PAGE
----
College students Bobby Seale and Huey P. Newton co-founded a student organization on Oct. 15, 1966, in Oakland, California, that would become vital to a powerful revolutionary movement: the Black Panther Party. Fast forward about 55 years, and the Dr. Huey P. Newton Foundation is preserving the legacies of these influential Black figures and the visions they had for their community.
“We hear the Panthers’ demand for justice when we hear the words ‘Black Lives Matter,’” Congresswoman Barbara Lee, D-CA, said in her opening statements at the March 3 virtual event “Preserving the History of the Black Panther Party.”
The event was a part of “Virtual Wednesdays,” a weekly YouTube series curated by the Fine Arts Museums of San Francisco (FAMSF) — the de Young Museum and the Legion of Honor — every Wednesday at 5 p.m. Past Virtual Wednesdays have featured discussions around influential artists like Frida Kahlo and the exploration of topics such as race, representation, equity, and identity in art. These live broadcasts are intended to uplift Bay Area voices and celebrate the various ways that art and activism intersect.
At the most recent event, FAMSF hosted a conversation between members of the Dr. Huey P. Newton Foundation about their upcoming initiatives to memorialize the Black Panther Party. The foundation was created by Fredrika Newton, one of the event’s speakers and Huey Newton’s widow, who is a former member of the Black Panther Party. The other speakers included Xavier Buck, the deputy director of the foundation, and Damien McDuffie, the foundation’s archives and brand strategy director.
“[The Panthers] were truly powerful because of their survival programs,” Buck said. The programs which Buck referred to were the Free Breakfast for School Children Program and the party’s work to open free medical clinics around cities in which they were located, among dozens of others.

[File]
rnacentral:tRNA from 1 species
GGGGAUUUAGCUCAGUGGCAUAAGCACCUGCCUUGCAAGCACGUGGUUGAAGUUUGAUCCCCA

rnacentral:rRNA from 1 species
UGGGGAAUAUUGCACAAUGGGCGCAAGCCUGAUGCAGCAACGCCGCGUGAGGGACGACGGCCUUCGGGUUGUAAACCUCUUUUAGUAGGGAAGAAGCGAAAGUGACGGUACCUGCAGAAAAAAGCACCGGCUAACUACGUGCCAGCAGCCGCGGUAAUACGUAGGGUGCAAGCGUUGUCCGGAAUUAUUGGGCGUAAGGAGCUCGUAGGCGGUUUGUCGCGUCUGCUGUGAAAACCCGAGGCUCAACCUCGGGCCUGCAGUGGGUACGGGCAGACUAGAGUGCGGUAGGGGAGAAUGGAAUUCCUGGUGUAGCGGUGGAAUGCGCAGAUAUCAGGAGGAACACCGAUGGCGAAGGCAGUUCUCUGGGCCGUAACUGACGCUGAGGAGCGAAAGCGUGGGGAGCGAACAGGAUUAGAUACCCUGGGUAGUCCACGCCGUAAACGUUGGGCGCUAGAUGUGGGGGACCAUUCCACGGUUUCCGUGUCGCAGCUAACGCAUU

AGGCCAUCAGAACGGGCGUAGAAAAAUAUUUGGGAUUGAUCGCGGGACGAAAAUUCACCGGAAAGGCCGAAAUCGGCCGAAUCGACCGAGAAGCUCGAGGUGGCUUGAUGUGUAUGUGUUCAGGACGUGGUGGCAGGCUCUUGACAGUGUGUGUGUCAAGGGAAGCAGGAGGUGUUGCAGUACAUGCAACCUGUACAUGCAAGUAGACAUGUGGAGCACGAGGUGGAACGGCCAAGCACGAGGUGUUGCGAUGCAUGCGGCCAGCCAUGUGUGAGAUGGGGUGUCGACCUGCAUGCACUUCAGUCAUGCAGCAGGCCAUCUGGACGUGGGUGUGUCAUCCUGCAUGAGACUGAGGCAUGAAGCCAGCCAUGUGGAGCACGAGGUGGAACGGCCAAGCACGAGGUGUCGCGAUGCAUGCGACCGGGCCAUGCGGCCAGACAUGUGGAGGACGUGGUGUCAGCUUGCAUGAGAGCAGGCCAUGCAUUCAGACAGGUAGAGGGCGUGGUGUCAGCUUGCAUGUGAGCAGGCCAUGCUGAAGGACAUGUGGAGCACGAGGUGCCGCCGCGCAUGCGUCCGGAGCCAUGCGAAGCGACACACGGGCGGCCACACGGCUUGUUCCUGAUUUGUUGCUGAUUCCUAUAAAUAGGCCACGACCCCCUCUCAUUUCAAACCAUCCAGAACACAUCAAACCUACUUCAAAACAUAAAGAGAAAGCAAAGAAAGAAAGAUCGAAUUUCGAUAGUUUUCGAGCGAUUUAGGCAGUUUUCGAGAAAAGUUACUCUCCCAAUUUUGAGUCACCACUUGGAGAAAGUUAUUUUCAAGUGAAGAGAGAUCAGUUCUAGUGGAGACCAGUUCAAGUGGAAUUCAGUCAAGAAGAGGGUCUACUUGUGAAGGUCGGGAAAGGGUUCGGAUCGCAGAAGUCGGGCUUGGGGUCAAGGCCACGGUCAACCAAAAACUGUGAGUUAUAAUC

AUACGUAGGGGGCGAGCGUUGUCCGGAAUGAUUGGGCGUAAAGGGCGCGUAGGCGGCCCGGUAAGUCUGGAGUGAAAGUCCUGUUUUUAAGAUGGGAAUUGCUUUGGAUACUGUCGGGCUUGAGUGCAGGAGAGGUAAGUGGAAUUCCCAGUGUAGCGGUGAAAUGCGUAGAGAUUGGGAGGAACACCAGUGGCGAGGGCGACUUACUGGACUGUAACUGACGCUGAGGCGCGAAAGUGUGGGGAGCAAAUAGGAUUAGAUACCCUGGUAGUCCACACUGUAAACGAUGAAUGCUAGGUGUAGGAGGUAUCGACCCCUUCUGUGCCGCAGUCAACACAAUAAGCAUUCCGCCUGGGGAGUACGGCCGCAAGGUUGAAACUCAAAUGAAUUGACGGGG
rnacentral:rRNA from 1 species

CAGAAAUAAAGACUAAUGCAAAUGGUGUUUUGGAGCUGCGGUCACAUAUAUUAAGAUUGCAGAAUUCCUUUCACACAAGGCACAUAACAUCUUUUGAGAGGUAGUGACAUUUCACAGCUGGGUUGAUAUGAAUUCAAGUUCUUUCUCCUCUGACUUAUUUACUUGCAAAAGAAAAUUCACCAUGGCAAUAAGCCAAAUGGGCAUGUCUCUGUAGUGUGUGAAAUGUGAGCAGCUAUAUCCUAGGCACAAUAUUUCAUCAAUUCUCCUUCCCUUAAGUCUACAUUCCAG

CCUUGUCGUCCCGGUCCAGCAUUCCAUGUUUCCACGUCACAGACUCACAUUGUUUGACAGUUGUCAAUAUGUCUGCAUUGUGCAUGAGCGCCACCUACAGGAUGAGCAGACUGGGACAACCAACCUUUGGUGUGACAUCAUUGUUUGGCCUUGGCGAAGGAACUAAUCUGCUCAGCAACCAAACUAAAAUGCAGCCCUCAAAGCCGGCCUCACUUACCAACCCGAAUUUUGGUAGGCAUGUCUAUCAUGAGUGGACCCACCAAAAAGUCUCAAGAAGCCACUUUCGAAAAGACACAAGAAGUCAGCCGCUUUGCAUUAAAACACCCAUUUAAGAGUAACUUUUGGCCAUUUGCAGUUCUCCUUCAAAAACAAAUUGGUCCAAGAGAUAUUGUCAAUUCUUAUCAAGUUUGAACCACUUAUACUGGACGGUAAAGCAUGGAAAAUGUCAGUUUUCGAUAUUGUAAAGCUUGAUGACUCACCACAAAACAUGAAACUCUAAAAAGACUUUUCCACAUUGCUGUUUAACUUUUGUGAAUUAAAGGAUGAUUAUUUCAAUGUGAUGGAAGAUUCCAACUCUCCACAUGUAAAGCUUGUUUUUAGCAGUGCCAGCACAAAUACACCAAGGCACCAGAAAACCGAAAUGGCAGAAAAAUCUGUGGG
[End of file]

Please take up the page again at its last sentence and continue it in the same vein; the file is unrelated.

“But their mission was never fulfilled. We are still demanding an end to police brutality, decent and affordable housing, quality education, and free healthcare,” Buck said. “It is only 55 years since their founding that we can finally look to commemorate the Black Panther Party here in Oakland.”
For the members of the Dr. Huey P. Newton Foundation, art plays a central role in their preservation and promotion of the ideals of the Black Panther Party. In February of this year, they unveiled Dr. Huey P. Newton Way, a street sign on Oakland’s 9th street, a block from where Newton was killed in 1989. It is situated near murals commemorating members of the Black Panther Party, including one on the side of West Oakland activist Jilchristina Vest’s home dedicated to the women of the party.
“Art and activism are the light of this street,” Fredrika Newton said in reference to her late husband’s tribute.
In between powerful videos and images of the Oakland community and monuments dedicated to members of the Black Panther Party, the foundation’s speakers discussed their upcoming initiatives, including the installation of a bronze statue of Huey Newton at the end of Dr. Huey P. Newton Way, and the digitalization of all editions of The Black Panther, the party’s official newspaper, which ran from 1967-1980.
“I think what people are responding to is just the acknowledgment of the Panthers and what they’ve done for our city,” McDuffie said about the positive response Oakland residents have had to the foundation’s initiatives.
Newton said what motivates her activism, while concurrently acting as the basis for the foundation, is what her husband famously said was “not great hate, but great love for other people.”
Part of the foundation’s goal is for the children of Oakland to learn about the history of the party that was founded in their community. Newton said, “I’m hoping that this whole process brings healing to those who were there and future generations to come.”
You can access past Virtual Wednesdays and see upcoming events through the de Young Museum’s website.
If you would like to learn more about the Dr. Huey P. Newton Foundation, you can visit huey.one